Phyllidia carlsonhoffi

Courtesy of Douglas Hoffman

Phyllidia carlsonhoffi, Brunckhorst 1993

This phyllidiid nudibranch species is currently known from Micronesia, Papua new Guinea, Fiji and now Indonesia. It was named in honour of Clay Calson and Patty-Jo Hoff; two wonderful people who are the most professional of 'amateurs' with one of the best private slug collections, and undoubdtly the best 'backyard' (coral reef) on earth!

Phyllidia carlsonhoffi is charcterised by alternating large and very small tubercles which are isolated (not coalesced or joined by a ridge as in P. varicosa and P. coelestis). The tubercles have blue bases but are tipped in bright yellow. The rhinophores are also bright yellow. Ventrally, it also has remarkably long oral tentacles tipped in yellow and a black midline foot stripe (like P. varicosa). As in all phyllidiid nudibranchs, the gills are consist of rows of leaflets which are found ventrally, running longitudinally on both sides between mantle and foot. Phyllidia carlsonhoffi is superficially similar to P. madangensis - probably for the added protection of mimicing a like, badly-tasting, species (the phenomen of aposematism discussed previously by Terry Gosliner, Bill Rudman and myself). P. madangensis however lacks the foot stripe, does not have the alternating pattern of large and small tubercles, has short oral tentacles and substantial differences to the oral tube internally.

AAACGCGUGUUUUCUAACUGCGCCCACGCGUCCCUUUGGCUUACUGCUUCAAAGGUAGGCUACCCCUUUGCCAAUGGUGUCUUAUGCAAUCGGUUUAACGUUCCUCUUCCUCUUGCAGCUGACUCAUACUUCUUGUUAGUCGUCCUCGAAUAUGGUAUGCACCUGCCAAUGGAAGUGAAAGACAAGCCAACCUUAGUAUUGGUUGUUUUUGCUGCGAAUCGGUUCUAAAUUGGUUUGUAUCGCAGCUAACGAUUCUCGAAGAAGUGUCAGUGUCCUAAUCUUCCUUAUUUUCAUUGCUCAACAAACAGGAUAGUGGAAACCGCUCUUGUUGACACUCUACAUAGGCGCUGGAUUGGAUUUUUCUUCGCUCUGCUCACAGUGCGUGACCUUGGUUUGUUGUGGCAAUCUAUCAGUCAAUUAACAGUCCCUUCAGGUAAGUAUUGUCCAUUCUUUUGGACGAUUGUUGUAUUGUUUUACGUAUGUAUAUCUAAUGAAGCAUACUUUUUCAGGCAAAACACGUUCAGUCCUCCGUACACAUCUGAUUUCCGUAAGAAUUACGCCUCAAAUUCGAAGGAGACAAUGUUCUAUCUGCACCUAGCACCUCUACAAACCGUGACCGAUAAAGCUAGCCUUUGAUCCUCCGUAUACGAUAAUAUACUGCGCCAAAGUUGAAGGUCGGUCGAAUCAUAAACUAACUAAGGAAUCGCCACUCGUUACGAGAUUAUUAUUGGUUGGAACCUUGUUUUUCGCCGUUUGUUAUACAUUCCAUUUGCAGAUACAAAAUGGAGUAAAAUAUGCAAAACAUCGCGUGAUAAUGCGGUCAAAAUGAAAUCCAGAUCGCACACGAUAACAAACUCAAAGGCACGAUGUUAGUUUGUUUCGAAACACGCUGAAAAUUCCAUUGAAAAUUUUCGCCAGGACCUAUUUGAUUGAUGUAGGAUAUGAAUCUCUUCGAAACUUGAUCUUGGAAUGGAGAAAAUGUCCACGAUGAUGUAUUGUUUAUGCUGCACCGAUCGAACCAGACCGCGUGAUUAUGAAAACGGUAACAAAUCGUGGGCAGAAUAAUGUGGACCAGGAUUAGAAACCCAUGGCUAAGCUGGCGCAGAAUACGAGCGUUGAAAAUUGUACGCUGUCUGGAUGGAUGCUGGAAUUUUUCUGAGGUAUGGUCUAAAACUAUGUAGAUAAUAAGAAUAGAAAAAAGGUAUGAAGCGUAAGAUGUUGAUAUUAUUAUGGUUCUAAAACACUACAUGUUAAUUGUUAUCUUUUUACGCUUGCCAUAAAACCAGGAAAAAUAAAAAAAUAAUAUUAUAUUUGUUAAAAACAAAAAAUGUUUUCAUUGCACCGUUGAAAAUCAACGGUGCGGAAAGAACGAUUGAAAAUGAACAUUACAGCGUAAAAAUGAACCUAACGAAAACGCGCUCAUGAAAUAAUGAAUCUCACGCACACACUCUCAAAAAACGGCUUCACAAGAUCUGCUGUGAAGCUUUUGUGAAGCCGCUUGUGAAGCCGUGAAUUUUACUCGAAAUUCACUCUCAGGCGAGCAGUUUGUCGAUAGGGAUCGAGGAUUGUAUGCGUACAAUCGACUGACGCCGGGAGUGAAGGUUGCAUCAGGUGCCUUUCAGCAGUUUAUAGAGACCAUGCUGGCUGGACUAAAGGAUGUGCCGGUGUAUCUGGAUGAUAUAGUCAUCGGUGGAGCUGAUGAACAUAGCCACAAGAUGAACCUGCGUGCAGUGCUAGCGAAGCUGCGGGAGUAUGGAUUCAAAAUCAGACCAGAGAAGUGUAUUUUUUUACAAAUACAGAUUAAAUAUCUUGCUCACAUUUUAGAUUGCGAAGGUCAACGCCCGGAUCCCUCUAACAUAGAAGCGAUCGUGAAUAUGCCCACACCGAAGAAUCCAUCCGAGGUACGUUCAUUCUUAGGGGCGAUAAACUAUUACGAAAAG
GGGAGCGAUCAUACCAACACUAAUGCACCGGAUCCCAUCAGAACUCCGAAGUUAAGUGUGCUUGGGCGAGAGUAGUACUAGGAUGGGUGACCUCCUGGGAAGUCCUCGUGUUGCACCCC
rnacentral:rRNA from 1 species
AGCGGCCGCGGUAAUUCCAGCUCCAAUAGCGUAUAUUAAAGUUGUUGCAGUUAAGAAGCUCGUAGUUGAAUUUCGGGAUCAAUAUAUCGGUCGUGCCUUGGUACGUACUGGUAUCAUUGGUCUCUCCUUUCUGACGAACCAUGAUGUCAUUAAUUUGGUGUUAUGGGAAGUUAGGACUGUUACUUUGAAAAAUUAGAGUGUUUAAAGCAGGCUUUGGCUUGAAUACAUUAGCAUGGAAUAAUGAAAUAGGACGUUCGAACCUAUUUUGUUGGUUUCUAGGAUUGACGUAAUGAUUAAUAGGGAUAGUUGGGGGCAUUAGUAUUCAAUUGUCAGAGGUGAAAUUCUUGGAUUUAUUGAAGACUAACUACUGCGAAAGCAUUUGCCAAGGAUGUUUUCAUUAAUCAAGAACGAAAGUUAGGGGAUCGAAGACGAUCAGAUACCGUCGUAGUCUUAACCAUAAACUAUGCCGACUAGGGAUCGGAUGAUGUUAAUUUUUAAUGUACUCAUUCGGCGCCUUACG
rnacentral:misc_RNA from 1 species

David Brunckhorst

Dr. David J. Brunckhorst
Director, Institute for Bioregional Resource Management
Division of Ecosystem Management
University of New England
Armidale NSW 2351

Send David mail at

Visit David's web page at Dave's Page
or Institute for Bioregional Resource Management

Douglas Hoffman and lovely wife Mieko in Micronesia.

Douglas is a successful photojournalist and video maker. He has won 15 international awards for photography and been published in American, Austrailian, Asian, Japanese, and Indonesian magazines. SDJ was the first Chinese diving magazine to publish his works.

Doug and Mieko are planning to open an E-6 processing service for underwater photographers in the Manado area on the northern tip of Sulawesi in Indonesia sometime in early '99. So if you happen to be in the area and aren't sure whether your TTL or strobes are doing the job, give Doug and Mieko a couple of test rolls to develop!!

Send Doug e mail at

Clay and Patty Jo at home in their "nudibranch" laboratory at Merizo, Guam. For those who have dove with Clay, you will know his passion is bubble shells. How he finds them is beyond this Webmaster. Judging from the camera equipped microscope as the backdrop, one has a better idea how Clay and Patty Jo are able to capture the unique morphology of bubble shells.

Send Clay mail at

© The Slug Site, Michael D. Miller 1999. All Rights Reserved.